RENO - A change in venue did not change the fortunes of the Nevada Wolf Pack baseball team on Friday afternoon.
The Wolf Pack, making its season debut at home, was trounced 9-0 by the UNLV Rebels in front of 492 fans at Peccole Park.
"We've played three real good teams," said coach Gary Powers, whose Wolf Pack is now 0-7 this season after playing three games against both UC Irvine and Loyola Marymount on the road and the first game of this three-game series at home against UNLV. "This is a young team in search of an identity."
It's also a young team in search of its first victory. The Pack is 0-7 to start a season for the first time since the 1989 team started 0-9.
"We've haven't given ourselves a chance in any of these games," Powers said. "We're our own worst enemy."
The shutout was just the fifth suffered by the Wolf Pack at Peccole Park since the facility opened in 1988, a span of 605 games. All five shutouts at Peccole Park have come since 2005, over the last 155 home games. The Pack went its first 17-plus seasons (1988-2005) at Peccole Park, a span of 450 games, without being shutout at home.
"We've been playing from behind in every game," Powers said. "You can't play this game that way."
The Wolf Pack, which has not had a lead at any point in any game this season, has trailed after 62 of its 63 innings this year. The only full inning they did not trail was after the first inning in the first game of the Loyola Marymount series when the score was 0-0.
"You can't play this game when you are always behind," Powers said.
The Pack trailed the entire game on Friday. UNLV, now 9-2 this year, scored three runs in the top of the first inning on four hits off Pack starter Jeremy Cole and led 8-0 by the sixth inning.
Cole, making his first start of the season, lasted four innings and allowed seven hits and five runs (four earned).
"We're just getting him back to where we need him," Powers said. "We didn't expect him to go any longer than he did."
Cole pitched well after allowing four hits to the first five Rebel hitters. The 6-foot, senior righthander allowed just three hits over his final 3.2 innings and one earned run.
"He did a nice job," Powers said. "They (UNLV) hit one ball off the handle and a couple flares down the line. At the end he just got tired."
Wolf Pack starting pitchers, though, have struggled over the first seven games. Pack starters have combined to allow 46 hits and 36 runs (29 earned) in the seven games for an earned run average of 11.35. The average outing for a Wolf Pack starter has been just 3.1 innings.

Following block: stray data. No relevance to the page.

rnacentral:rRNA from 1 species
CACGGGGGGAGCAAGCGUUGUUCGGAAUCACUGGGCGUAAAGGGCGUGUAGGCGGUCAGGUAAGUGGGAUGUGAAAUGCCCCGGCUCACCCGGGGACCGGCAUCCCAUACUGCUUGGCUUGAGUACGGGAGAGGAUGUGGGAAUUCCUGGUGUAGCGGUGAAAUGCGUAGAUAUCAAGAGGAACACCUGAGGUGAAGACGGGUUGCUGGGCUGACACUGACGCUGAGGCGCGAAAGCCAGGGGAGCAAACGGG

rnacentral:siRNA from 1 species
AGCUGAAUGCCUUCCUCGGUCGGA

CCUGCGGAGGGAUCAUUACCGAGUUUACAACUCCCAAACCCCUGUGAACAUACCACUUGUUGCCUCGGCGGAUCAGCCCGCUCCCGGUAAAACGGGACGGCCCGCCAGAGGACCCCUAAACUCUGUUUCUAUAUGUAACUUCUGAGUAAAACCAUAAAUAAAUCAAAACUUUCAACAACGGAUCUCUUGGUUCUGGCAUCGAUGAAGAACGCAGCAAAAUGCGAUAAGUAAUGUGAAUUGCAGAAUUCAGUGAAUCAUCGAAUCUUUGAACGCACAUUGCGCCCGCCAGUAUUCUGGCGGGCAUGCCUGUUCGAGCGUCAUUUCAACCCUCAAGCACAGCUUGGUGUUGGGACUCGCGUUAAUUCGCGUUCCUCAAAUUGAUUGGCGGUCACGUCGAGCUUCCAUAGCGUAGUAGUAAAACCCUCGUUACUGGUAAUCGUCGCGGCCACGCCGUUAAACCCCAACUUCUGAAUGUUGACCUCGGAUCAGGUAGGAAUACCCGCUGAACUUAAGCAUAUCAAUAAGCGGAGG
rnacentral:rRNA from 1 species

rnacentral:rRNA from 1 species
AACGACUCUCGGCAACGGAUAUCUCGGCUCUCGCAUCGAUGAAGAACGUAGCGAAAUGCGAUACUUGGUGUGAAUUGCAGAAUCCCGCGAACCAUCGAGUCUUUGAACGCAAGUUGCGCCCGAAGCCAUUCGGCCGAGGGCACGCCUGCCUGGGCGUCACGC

"In six of our seven game we haven't pitched well enough to give ourselves any confidence," Powers said.
The Wolf Pack has been outscored 17-0 in the first inning this year.
"We've gotten just one quality start all year so far," Powers said. "We don't have that kind of an offense to be able to overcome that everyday."
The offense has also struggled this year, averaging just 2.7 runs a game. The Wolf Pack is hitting just .204 as a team and has just 12 extra base hits all season. Pack hitters have also struck out 58 times and walked just 22.
UNLV pitcher Tanner Peters went the distance against the Pack for his second career shutout. The 6-foot junior righthander, who is one of the top pitchers in the Mountain West Conference, has not allowed an earned run this season over three starts and 21 innings.
"He did an outstanding job," Powers said. "He just out-competed us out there. He never gave in to us."
Peters, who allowed just five hits, allowed the first two Pack hitters to reach base in both the eighth and ninth innings and worked out of trouble each time. He also worked out of a bases loaded, one out situation in the fourth. The Pack also got a runner to third base with two outs in both the second and third innings.
"The guys in the middle of the order are trying to do it all by themselves," said Powers, of Nick Melino, Brock Stassi and Brian Barnett, who went a combined 1-for-9. "We're not competing well enough out there. We're going out there and trying to score three runs in every at-bat. You can't play the game that way You have to take it one inning at a time."